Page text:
Angelina Rios-Galindo ’25, a protest attendee, hopes the University will also take greater efforts to improve accessibility. Holding a sign that read “My dorm is 100% wheelchair inaccessible,” Rios-Galindo criticized the lack of accessibility in the New Pembroke and Graduate Center dorms. “There (are) a lot of places on campus that exclude our differently abled students, and that's a really big issue,” she said.
Léo Corzo-Clark ’25, another protest attendee and also a New Pembroke resident, criticized his dorm’s facilities issues. “Our stairs were quite literally crumbling for most of the year and (were) very recently slightly repaved,” he said. For “the majority of the year, the building's been in shambles and when we talk to our RPLs about it, they really don't know what's going on — they don't know why things can't get fixed.”
Corzo-Clark added that he feels “really lucky” because he’ll be able to live in the Wellness Residential Experience at Sternlicht Commons next year. Still, he hopes to see the broader housing situation improve. “For everyone to be so cutthroat and stressed out about the housing lottery just shows that if all the dorms were livable and up to a certain standard, no one would be as (upset) or complain as much.”
Lauren Griffiths ’24, another protest organizer, claimed that racism and sexism experienced by ResLife staff is a major issue, saying, “there have been also several minority (Area Coordinators) who have quit recently … due to all the discrimination that they have faced.”
The group’s demands include that ResLife staffer identity and preferences be taken into consideration when assigned a dorm placement.
“Brown takes these issues very seriously,” wrote a University spokeswoman in an email to The Herald. “If we were to learn of any circumstance of discrimination, we would work directly with the affected individuals to provide support and to take available steps, depending on the nature of the situation.”
Ethan Drake ’24, a current RPL for Grad Center B, noted that staffing shortages can have wide-ranging impacts. “No one at ResLife is put in a position to be able to do a good job,” he said. “I think in the last month, two of the seven ACs have quit and left, leaving ResLife even more understaffed. RPLs, therefore, aren't put in a good position.” He added that his RPL cohort, initially made of eight RPLs, now consists of 22 RPLs due to an understaffing of ACs.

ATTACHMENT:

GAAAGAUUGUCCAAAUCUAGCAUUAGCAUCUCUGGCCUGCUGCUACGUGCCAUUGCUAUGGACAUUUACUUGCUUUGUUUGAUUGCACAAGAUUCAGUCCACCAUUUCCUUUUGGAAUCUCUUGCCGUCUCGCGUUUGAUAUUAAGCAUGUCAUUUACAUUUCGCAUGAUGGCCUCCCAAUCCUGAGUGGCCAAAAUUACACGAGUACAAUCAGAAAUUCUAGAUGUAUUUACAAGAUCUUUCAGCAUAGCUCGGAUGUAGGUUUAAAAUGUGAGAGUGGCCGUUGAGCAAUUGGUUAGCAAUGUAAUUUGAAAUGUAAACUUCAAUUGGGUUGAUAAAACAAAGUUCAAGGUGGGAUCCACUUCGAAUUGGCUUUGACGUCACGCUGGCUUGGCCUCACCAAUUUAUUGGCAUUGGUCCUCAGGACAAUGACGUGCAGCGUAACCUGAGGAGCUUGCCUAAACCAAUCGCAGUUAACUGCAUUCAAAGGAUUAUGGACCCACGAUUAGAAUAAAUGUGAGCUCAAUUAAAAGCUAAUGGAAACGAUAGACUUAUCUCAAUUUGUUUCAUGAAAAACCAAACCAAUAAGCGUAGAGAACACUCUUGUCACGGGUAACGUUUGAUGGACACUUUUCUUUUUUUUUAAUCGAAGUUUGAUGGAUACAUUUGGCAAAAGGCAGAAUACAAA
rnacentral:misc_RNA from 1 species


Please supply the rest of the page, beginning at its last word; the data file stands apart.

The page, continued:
Understaffing causes tangible issues for RPLs themselves, according to Drake. “I'm an RPL in a building of over 100 people and I'm the only one, which just doesn't make any sense,” he said.
“When you multiply that with facilities issues like broken washers — we're down to two washers for an entire dorm for 100 residents — it makes it difficult to focus on other things that normally wouldn't be a problem.”
“There was never an RPL in my building until a month in and I applied … and got the role,” Drake said.
Wooten said she believes that increased benefits for workers could help to alleviate understaffing issues. “Part of what's in our demands and what we were working (on) … is making the positions more attractive” through increased compensation and free meal plan and housing for CCs, she said. “Honestly, that just means directing more resources to it.”
“For me personally, all of my work operates out of a place (of) love (for) Brown,” Wooten said. “But a part of loving a place is wanting better for it.”